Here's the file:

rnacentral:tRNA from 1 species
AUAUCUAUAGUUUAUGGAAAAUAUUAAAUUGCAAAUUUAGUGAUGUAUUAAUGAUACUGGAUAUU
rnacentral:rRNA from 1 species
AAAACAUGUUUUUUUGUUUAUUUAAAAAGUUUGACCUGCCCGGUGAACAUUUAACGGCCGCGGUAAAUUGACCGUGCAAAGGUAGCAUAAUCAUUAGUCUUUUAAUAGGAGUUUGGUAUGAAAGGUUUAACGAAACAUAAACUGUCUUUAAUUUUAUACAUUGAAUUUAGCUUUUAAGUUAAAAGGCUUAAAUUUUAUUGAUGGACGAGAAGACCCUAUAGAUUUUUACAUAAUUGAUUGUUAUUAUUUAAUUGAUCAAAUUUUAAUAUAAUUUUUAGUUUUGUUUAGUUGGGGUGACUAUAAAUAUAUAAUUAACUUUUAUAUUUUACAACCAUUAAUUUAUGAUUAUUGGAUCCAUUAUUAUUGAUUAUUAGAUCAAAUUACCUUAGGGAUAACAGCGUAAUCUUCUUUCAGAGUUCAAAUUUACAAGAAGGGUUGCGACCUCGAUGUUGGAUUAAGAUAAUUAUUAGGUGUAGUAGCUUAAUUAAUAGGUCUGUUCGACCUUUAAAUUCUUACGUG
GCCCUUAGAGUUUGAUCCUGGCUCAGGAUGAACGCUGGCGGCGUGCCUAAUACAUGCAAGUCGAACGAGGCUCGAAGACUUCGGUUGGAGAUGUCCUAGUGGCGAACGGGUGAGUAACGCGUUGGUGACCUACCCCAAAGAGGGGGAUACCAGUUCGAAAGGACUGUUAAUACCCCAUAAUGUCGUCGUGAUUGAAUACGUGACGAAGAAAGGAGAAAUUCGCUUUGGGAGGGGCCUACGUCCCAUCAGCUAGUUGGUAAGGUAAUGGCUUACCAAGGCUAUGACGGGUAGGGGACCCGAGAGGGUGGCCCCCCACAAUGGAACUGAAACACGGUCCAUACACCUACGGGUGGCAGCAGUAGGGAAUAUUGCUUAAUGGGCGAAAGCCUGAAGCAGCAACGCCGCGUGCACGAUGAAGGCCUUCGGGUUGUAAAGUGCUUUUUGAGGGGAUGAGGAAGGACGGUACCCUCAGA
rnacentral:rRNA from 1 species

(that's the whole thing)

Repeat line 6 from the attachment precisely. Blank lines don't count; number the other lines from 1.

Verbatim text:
rnacentral:rRNA from 1 species